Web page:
In consideration of various matters, we adjusted the schedule for the ROK-US joint military exercises.
Despite our efforts, the denuclearization negotiations have made little progress and cooperation in the Gaeseong Industrial Complex, tourism to Mount Geumgang, and exchange between separated families have fallen short of our expectations.
I believe that North Korea is willing to fulfill the agreements.
It was very regrettable that the North blew up the inter-Korean joint liaison office.
Interestingly, North Korean leader Kim Jong Un then suspended military actions against South Korea, and I believe that his order was part of the efforts to prevent tensions from rising further.
North Korea also withdrew plans to reinstall loudspeakers and prepare for anti-South Korea leaflets in response to the scattering of anti-North Korea leaflets by a few South Korean civic organizations.
Despite artillery firing drills on Changrin Island last year and multiple gunshots toward a South Korean guard post in the DMZ in May this year, I think that the North is generally complying with the military agreements.
It isn’t just us who believe this. In a recent forum, Robert Abrams, the commander of the United Nations Command, Combined Forces Command and U.S. Forces Korea, stated that North Korea is abiding by the military agreements.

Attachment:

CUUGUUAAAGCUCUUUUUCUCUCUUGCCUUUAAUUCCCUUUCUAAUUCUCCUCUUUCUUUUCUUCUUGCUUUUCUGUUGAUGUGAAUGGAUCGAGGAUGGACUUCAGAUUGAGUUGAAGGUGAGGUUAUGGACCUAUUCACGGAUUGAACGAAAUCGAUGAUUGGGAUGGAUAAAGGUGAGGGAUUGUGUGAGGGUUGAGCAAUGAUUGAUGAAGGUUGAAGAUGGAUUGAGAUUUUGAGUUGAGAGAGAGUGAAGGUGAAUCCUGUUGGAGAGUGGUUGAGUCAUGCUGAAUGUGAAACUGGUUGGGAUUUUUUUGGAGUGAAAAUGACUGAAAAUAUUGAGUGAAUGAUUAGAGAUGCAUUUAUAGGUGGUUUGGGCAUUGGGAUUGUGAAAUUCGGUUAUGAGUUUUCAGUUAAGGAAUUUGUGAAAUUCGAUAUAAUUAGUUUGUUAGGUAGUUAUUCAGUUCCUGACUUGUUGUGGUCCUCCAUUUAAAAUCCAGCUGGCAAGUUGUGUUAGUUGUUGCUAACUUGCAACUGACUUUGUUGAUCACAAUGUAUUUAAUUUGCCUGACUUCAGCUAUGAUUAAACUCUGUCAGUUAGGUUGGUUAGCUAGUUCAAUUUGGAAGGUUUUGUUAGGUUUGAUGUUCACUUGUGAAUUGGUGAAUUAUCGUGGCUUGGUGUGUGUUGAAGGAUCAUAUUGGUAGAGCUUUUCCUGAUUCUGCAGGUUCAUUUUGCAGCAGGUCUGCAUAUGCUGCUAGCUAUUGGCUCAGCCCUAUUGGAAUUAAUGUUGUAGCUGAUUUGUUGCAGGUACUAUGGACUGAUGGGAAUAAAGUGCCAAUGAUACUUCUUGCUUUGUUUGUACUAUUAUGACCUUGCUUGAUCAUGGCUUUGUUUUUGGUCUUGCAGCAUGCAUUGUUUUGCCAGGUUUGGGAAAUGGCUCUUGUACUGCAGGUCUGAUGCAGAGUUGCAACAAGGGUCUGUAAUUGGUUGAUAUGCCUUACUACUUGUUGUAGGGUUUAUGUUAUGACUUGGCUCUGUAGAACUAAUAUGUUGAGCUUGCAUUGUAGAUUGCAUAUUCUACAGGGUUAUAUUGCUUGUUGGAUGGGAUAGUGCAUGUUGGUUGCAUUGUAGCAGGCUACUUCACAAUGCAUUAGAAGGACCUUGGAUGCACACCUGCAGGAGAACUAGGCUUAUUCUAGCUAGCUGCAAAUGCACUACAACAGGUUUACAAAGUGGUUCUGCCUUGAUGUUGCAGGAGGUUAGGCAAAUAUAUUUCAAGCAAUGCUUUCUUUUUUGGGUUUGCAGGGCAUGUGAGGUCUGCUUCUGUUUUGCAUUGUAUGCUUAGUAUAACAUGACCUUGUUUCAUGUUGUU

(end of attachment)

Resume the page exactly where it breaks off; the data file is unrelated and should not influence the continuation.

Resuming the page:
Of course, the Pyeongyang Joint Declaration of September 19, 2018 is not confined to the military domain.
At the time of the signing of the declaration two years ago, as a lawmaker and a Korean national, I lauded the historic milestone made by the leaders of the two Koreas and expressed hope that the agreements would be realized. Unfortunately, the ‘time of the two Koreas’ has made little progress since then.
However, in a situation where conflict remains between the two Koreas, we have eased military tensions and maintained a state of peace in the border regions, and this is something that should be most appreciated.
Promises must be fulfilled, and agreements are completed through implementation.
South and North Korea should continue their joint efforts to realize the decisions by their leaders and resume the ‘time of the two Koreas.’